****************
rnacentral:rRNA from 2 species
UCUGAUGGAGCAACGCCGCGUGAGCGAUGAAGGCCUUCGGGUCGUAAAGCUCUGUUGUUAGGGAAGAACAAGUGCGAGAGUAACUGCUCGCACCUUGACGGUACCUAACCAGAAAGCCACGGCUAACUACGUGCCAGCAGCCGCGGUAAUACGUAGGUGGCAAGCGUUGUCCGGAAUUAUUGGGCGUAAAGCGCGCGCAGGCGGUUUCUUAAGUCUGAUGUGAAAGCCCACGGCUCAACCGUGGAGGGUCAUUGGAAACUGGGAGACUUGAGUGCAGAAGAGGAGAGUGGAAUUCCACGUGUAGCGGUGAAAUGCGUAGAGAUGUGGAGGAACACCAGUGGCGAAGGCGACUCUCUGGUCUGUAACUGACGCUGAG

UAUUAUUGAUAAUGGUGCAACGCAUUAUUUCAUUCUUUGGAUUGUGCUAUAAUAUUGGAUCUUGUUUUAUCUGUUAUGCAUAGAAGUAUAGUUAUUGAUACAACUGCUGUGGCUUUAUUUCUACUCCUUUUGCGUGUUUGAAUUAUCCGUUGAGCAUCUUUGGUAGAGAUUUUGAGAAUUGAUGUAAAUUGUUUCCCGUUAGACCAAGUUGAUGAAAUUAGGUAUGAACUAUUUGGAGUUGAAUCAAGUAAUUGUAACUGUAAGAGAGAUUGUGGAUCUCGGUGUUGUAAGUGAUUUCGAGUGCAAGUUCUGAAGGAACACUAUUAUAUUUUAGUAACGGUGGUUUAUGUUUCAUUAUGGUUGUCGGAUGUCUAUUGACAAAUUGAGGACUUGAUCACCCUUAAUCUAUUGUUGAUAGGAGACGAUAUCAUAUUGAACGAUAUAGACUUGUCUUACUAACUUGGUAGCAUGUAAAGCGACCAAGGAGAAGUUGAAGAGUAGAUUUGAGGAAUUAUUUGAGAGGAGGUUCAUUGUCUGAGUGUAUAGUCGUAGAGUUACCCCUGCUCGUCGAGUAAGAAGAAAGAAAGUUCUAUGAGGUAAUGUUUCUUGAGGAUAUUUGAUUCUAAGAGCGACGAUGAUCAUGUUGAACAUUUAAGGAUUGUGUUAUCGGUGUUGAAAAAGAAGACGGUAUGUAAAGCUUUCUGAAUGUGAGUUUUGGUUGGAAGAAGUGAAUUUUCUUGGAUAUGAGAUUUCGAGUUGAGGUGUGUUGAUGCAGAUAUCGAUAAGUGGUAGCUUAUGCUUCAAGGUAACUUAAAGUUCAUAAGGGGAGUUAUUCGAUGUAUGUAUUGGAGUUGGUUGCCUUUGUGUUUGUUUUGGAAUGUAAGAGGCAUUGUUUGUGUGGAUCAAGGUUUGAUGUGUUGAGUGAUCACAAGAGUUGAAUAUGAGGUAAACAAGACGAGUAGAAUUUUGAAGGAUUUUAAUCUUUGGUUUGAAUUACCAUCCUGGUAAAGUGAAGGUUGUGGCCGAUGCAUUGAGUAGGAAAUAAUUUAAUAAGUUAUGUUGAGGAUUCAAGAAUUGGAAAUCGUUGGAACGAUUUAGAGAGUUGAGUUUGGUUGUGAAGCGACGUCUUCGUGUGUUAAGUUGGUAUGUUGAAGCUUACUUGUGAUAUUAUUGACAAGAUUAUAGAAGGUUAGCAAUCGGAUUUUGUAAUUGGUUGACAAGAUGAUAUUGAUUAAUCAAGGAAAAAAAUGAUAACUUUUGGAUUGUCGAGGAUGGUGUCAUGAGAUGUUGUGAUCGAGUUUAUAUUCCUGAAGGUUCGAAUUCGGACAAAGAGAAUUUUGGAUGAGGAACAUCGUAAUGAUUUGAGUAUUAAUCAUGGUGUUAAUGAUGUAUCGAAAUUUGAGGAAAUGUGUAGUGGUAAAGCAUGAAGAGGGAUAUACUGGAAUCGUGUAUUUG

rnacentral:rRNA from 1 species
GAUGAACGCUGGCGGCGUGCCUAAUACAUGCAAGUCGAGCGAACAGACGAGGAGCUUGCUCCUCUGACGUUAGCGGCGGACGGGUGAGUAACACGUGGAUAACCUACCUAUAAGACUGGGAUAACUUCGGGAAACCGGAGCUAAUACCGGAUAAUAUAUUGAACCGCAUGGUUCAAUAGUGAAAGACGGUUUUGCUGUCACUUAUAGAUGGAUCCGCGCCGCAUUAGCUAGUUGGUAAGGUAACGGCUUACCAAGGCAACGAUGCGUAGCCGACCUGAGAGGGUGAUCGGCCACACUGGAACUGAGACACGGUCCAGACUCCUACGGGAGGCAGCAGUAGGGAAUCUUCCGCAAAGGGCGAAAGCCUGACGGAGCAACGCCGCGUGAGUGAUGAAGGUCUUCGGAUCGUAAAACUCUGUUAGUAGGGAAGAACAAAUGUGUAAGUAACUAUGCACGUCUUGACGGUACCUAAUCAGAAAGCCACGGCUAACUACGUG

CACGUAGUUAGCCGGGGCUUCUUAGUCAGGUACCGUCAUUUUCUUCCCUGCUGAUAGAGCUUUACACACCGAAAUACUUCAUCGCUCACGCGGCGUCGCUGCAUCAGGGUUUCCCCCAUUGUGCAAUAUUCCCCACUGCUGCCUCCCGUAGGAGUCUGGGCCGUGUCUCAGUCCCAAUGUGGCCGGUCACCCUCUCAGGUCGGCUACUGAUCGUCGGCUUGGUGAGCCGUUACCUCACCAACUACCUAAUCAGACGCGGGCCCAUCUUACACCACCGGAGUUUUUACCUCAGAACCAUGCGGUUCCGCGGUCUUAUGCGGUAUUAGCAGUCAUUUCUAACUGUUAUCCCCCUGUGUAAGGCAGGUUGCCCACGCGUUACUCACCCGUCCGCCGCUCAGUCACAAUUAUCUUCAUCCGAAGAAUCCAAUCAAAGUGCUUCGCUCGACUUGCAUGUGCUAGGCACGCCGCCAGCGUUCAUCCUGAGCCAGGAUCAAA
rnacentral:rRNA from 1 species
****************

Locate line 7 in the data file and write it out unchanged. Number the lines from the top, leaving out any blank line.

rnacentral:rRNA from 1 species